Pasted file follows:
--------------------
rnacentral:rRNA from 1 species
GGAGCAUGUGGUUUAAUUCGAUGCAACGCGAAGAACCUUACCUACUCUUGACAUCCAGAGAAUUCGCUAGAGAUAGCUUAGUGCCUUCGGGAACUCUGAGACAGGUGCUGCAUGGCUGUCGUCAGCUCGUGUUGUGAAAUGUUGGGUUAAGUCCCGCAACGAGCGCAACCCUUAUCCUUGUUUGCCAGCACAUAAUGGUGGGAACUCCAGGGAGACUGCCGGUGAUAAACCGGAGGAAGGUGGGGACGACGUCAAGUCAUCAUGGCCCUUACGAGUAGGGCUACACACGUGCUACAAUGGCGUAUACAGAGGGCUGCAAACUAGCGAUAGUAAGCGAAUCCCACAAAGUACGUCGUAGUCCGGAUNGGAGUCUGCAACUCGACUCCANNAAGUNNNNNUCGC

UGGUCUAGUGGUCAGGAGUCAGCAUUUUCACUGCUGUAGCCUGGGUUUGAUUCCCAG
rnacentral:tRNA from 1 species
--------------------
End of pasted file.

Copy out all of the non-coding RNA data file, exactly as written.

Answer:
rnacentral:rRNA from 1 species
GGAGCAUGUGGUUUAAUUCGAUGCAACGCGAAGAACCUUACCUACUCUUGACAUCCAGAGAAUUCGCUAGAGAUAGCUUAGUGCCUUCGGGAACUCUGAGACAGGUGCUGCAUGGCUGUCGUCAGCUCGUGUUGUGAAAUGUUGGGUUAAGUCCCGCAACGAGCGCAACCCUUAUCCUUGUUUGCCAGCACAUAAUGGUGGGAACUCCAGGGAGACUGCCGGUGAUAAACCGGAGGAAGGUGGGGACGACGUCAAGUCAUCAUGGCCCUUACGAGUAGGGCUACACACGUGCUACAAUGGCGUAUACAGAGGGCUGCAAACUAGCGAUAGUAAGCGAAUCCCACAAAGUACGUCGUAGUCCGGAUNGGAGUCUGCAACUCGACUCCANNAAGUNNNNNUCGC

UGGUCUAGUGGUCAGGAGUCAGCAUUUUCACUGCUGUAGCCUGGGUUUGAUUCCCAG
rnacentral:tRNA from 1 species